Saturday, September 23, 2023

Whalefall - Daniel Kraus


If you've ever wondered, even for just a minute, what it would be like to actually be swallowed by a whale, I have just the book for you. In Whalefall that is exactly what Daniel Kraus explores. 

Seventeen-year-old Jay Gardiner is feeling very guilty about refusing to see his dying father for the last two years of the man's life. As an only son whose father expected great things from him, Jay still resents the way his father physically and emotionally abused him as a child. But now Jay fears that he will never again feel close to his mother and two sisters because of his choice to stay away from home even when his father was suffering the most. It doesn't help at all that Jay's father chose suicide over an agonizing death to cancer.

So Jay decides to look for his father's remains off the coast of northern California early one morning to make amends to his family. Monastery Beach, though, is not a place that sensible divers solo dive from even in good weather - and on the morning that Jay enters the water there, the weather is nowhere near good. Things quickly go bad for the boy.

Within minutes he is shocked to see a giant squid so close to the surface, but his shock turns into panic when he tries to swim away from the squid only to learn that part of his gear is entangled in the squid's tentacles. That's a bad situation, and Jay realizes he is in real trouble - trouble that soon gets much worse after a huge sperm whale decides to make a meal of the giant squid and accidentally swallows Jay along with his intended prey. (All of this information is included in the book jacket description.)

The rest of Whalefall is an almost minute-by-minute account of Jay's attempt to escape the whale's first (whales have four of them) stomach before his one-hour supply of air runs out. In great detail, Kraus explains exactly what is happening to Jay as the whale attempts to move his catch from one stomach to the next. As you can imagine, it all gets more painful for prey as that process progresses.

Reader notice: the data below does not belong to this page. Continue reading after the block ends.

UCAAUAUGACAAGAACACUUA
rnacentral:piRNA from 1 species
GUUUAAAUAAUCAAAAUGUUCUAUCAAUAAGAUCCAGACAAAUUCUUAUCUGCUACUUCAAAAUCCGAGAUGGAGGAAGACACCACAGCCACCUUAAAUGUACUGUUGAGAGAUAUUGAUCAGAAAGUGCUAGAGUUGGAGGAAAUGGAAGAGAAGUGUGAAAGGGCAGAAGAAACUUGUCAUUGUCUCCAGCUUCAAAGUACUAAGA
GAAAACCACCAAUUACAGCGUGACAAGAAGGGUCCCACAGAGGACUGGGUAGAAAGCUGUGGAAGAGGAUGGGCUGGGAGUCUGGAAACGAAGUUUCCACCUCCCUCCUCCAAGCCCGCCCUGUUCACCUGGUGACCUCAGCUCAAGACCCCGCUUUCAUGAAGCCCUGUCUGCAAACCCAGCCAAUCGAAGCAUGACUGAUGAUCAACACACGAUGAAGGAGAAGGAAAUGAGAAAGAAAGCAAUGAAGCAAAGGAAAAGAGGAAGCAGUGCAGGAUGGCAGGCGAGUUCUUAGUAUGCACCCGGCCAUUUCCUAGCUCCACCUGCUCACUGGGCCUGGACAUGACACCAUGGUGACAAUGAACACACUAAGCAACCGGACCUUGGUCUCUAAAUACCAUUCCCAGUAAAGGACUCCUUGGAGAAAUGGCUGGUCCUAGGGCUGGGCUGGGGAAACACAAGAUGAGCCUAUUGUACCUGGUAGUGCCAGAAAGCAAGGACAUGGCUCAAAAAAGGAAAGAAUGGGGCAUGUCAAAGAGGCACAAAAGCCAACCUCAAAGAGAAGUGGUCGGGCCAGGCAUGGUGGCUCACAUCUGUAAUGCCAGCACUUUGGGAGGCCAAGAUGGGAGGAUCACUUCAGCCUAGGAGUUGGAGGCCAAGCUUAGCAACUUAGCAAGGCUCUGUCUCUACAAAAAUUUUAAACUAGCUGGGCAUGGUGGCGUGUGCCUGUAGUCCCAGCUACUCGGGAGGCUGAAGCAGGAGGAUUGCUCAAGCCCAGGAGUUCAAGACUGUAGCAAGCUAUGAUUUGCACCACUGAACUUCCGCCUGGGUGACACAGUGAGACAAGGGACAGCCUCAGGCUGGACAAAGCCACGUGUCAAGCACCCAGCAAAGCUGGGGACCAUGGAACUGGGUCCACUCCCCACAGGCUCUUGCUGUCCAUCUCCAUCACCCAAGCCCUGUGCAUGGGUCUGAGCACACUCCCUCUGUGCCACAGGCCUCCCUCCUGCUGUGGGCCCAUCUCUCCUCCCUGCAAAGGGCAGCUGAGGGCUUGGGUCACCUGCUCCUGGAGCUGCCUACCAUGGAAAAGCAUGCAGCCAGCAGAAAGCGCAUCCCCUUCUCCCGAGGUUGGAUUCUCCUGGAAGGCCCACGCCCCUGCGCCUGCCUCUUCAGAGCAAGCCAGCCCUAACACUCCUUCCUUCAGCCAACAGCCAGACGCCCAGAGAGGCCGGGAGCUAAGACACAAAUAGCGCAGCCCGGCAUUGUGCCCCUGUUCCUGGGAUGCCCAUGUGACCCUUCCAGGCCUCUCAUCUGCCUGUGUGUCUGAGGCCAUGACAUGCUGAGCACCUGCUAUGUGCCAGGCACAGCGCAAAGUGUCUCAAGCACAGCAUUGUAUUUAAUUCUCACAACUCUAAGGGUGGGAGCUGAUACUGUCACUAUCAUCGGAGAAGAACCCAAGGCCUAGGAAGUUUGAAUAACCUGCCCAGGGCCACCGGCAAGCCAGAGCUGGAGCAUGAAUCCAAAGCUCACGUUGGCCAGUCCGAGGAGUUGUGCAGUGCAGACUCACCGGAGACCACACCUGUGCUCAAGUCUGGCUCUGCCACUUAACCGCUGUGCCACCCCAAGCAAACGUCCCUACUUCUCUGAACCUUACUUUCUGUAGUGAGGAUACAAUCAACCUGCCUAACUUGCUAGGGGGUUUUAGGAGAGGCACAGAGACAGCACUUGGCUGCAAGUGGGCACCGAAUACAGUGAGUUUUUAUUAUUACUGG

Whalefall is definitely a thriller. There are no traditional chapters in the book, with its longest sections consisting of less than three full pages each. Rather, there are dozens of short sections headed up by the current pressure reading on Jay's oxygen tank, and as those four-digit readings steadily drop toward zero, the reader's tenseness level builds in inverse proportion. Interspersed with those sections are flashbacks to Jay's childhood that are titled by the year in which they happened. This way the reader learns exactly what happened to Jay as a boy and why he made the decisions he made. Ironically, it is only while reflecting on his relationship with his father while taking brief breaks from his struggle inside the whale that Jay finally begins to understand his father.

I suspect that Whalefall is not going to be for everyone, but if any of this makes you wonder about Jay's experience, or just makes you curious to know how it all ends, you should give this one a try.

Daniel Kraus (Simon and Schuster photo)


  1. Replies
    1. It's certainly different, Lark. Strangest book I've read all year.

  2. Well, I do have to admit I'm curious if he escaped the whale!

  3. Hi Sam, the story of a son trying to make peace with his father after his father is gone can be very powerful. But the whale part of fhe story I am not sure about. It does seem that the author is making a biblical reference but not sure why the whale part of the story is needed or what the author is trying to say.

    1. I think he placed the boy inside the whale to give him a place to remember all the things his father taught him over the years about the ocean and its inhabitants. He was forced to concentrate on every little tidbit or piece of trivia about whales and whale behavior that his father forced him to memorize. He was searching for a way out the whole book, but he ended up gaining a better understanding of the man his father really was. He was on a journey to find his father...and he ended up doing that...just not in a way he ever imagined he would find him when he entered the water that morning.

  4. This sounds pretty weird, but I'm intrigued!

    1. Definitely an unusual plot, and it did take me a bunch of pages to get comfortable with the main character, but it was worth the effort, especially since it turned out to be more than just the thriller I expected it would be.


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